New book announcement: Yeshurun volume 36
By Eliezer Brodt
This past Wednesday the thirty sixth volume of the Torah journal Yeshurun was released. As I am on the editorial board of this journal, I normally do not write a review of new volumes for fear of being biased, or the appearance thereof. In keeping with my stance, I will not write a review below, but rather just highlight some of the topics in the volume. Normally, Yeshurun is a bi-annual, with a new volume published before Rosh Hashanah and Pesach. This issue is an additional volume to the two regular ones. In general, each volume has a few sections: a section devoted to manuscripts which usually features material from geonim, rishonim or achronim. Then it follows that with a sort of sefer sikaron of a gadol or two that (usually) recently died, featuring an essay about him and a sampling of his Torah and machshavah from the particular gadol. The next section that usually follows are pieces of Torah from different people, some related to halacha. Following this is a section devoted to machshavah and last is Kulmos which generally features pieces related to history or minhag.
The main focus of this issue was to print a volume almost completely devoted to various modern halachic issues (as a result, shrinking the manuscript and Kulmos sections). A few issues back there was a volume devoted almost entirely to halacha (vol. 31). In my opinion and from what I heard from others that volume was not considered as interesting as other volumes. This is the second attempt to issue such a volume and I think this time it is a success. It’s a nice combination of material.
Our volume has a few sections: The first section deals with bein hamitzarim: the Three Weeks, Nine Nine, etc. and begins with the publication of a nice manuscript by an anonymous author from the generation of the Rambam's father edited by Professor Tzvi Langermann (this is the third chapter he has issued from this work, see here). It also features a collection of material on this time period culled from the various members of the Brisker Dynasty.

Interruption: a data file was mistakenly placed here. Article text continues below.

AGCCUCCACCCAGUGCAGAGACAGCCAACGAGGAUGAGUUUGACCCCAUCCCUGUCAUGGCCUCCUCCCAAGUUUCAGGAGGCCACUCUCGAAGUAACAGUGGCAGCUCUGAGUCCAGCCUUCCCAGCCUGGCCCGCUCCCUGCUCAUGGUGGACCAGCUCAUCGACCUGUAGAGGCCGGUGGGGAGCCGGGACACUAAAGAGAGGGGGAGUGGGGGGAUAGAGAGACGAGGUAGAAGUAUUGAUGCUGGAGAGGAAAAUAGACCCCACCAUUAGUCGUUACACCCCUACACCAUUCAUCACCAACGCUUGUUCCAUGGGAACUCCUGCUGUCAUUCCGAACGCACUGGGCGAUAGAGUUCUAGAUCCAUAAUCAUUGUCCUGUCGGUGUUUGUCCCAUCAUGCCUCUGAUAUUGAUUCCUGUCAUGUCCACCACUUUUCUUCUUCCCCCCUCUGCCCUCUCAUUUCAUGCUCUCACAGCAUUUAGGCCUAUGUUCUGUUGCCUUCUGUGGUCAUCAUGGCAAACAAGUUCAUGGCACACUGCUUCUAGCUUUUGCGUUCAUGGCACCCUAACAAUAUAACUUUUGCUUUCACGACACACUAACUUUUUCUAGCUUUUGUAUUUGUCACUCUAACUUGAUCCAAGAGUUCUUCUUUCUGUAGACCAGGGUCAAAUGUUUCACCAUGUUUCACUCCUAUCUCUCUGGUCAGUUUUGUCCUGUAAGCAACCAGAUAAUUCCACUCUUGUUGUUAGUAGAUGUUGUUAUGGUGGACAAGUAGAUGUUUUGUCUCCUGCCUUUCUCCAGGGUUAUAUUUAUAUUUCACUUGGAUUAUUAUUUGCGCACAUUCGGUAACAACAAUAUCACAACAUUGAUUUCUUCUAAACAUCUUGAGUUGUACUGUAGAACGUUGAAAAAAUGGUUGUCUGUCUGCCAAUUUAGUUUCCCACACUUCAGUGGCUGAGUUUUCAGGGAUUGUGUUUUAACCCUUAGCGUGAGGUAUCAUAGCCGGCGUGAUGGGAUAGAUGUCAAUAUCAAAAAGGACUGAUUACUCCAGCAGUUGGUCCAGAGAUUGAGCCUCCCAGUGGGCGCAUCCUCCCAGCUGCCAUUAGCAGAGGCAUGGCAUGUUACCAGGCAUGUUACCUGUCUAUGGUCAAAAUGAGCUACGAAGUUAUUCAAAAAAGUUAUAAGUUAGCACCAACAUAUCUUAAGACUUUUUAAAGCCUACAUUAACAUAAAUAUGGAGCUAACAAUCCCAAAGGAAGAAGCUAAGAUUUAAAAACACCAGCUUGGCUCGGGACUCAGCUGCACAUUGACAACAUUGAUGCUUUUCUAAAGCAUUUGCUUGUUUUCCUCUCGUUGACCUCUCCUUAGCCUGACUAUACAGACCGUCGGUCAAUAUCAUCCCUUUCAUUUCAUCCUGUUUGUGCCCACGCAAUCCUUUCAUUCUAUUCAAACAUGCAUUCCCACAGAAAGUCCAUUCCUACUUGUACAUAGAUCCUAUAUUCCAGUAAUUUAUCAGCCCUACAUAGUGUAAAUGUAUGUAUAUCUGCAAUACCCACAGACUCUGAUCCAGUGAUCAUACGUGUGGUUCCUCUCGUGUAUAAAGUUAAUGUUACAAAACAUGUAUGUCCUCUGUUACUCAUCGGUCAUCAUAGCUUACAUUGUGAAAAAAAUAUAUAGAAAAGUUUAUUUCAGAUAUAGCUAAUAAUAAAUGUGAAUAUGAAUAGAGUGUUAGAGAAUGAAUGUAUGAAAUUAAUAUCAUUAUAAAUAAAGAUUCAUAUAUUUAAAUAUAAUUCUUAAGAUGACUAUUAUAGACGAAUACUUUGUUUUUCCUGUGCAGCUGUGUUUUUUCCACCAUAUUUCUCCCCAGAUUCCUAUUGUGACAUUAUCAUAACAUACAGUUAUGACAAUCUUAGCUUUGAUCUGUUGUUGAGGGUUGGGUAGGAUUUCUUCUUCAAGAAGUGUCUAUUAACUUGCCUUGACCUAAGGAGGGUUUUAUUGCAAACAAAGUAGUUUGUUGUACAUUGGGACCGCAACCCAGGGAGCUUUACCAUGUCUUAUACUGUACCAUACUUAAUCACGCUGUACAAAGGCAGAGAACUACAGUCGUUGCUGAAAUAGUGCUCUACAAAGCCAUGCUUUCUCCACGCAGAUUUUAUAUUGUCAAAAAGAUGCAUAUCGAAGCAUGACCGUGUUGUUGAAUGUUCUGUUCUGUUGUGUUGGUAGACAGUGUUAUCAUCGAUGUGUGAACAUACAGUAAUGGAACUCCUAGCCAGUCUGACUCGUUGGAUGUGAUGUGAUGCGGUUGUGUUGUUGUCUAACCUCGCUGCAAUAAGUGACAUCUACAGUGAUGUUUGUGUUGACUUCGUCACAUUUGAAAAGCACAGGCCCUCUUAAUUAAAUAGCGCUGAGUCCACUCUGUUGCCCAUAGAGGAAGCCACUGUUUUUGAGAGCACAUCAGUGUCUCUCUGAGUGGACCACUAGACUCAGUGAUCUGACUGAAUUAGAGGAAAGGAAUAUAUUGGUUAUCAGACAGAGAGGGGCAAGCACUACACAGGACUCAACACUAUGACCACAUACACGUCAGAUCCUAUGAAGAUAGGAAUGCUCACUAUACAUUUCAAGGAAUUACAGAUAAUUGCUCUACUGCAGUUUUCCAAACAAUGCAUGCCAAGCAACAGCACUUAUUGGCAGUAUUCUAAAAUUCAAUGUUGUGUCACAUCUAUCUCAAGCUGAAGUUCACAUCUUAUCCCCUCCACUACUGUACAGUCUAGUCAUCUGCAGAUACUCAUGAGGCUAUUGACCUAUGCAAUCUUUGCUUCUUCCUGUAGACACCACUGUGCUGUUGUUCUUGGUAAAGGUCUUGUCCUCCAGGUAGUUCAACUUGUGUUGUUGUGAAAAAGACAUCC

The next section, which in my opinion is fascinating and excellent, relates to the Mishna Berurah. The first part of the section contains an essay from Rabbi Trevitz (this is the third installment in the series) related to the numerous contradictions in the Mishnah Berurah and the role of his son R’ Aryeh Leib in writing the MB. There is also an interesting back and forth between Rabbi Trevitz and Rabbi Bergman (another young expert on the MB who has authored four works on the MB) about issues related to this subject. This section also contains some manuscripts of the MB and some new letters by the Chafetz Chaim.
The next section is devoted to R’ Refael Shmulevitz ztz”l. Having seen and heard him up close many times while learning in the Mir, I was always very impressed by this special gaon. The section is a nice tribute to him. It also features some letters related to his role as chief editor of the Encyclopedia Talmudit. In one of them he writes:
ואמרתי בפגישה עם ת"ח בעלי יכולת, שההא"ת מיועדת לכל, הן לבעלי בתים הרוצים לדעת את הענינים מ'למעלה' והן לת"ח, טעין לי אחד מהם, שהוא אישית אינו מוצא תועלת בא"ת, שכן לפני שהוא לומד את הסוגיא אינו רוצה לעיין בה, ולאחר שהוא גמר את לימודו אינו מוצא בה תועלת. ענינתי לו שאף בענין שהוא לומד אותו בעיון, כדאי מאוד שלאחר שגמר ומיצה אותו ככל יכולתו, שישלים את עיונו בערך המתאים, שכן הא"ת היא עבודת צוות חשוב, וקשה מאוד לאדם יחיד להגיע למה שהצוות מגיע, ואז יתגלו לו עולמות חדשים בסוגיא שהוא למדה כבר... [עמ' תקח].
The next section is devoted to modern halachic issues featuring pieces from various prominent rabbonim. See below for the Table of Contents.
The last section is dedicated to one of the editors and founders of Yeshurun, my dear friend Dr. Shlomo Sprecher, who was niftar a few months ago. This section includes a hesped for him and a reissued version of his excellent piece written together with his special friend Rabbi Menachem Silber on the topic of הפולמוס על אמרית מכניסי רחמים ותשובות רבי שמשון ב"ר רפאל הירש זצ"ל. This piece contains over twice the volume of footnotes.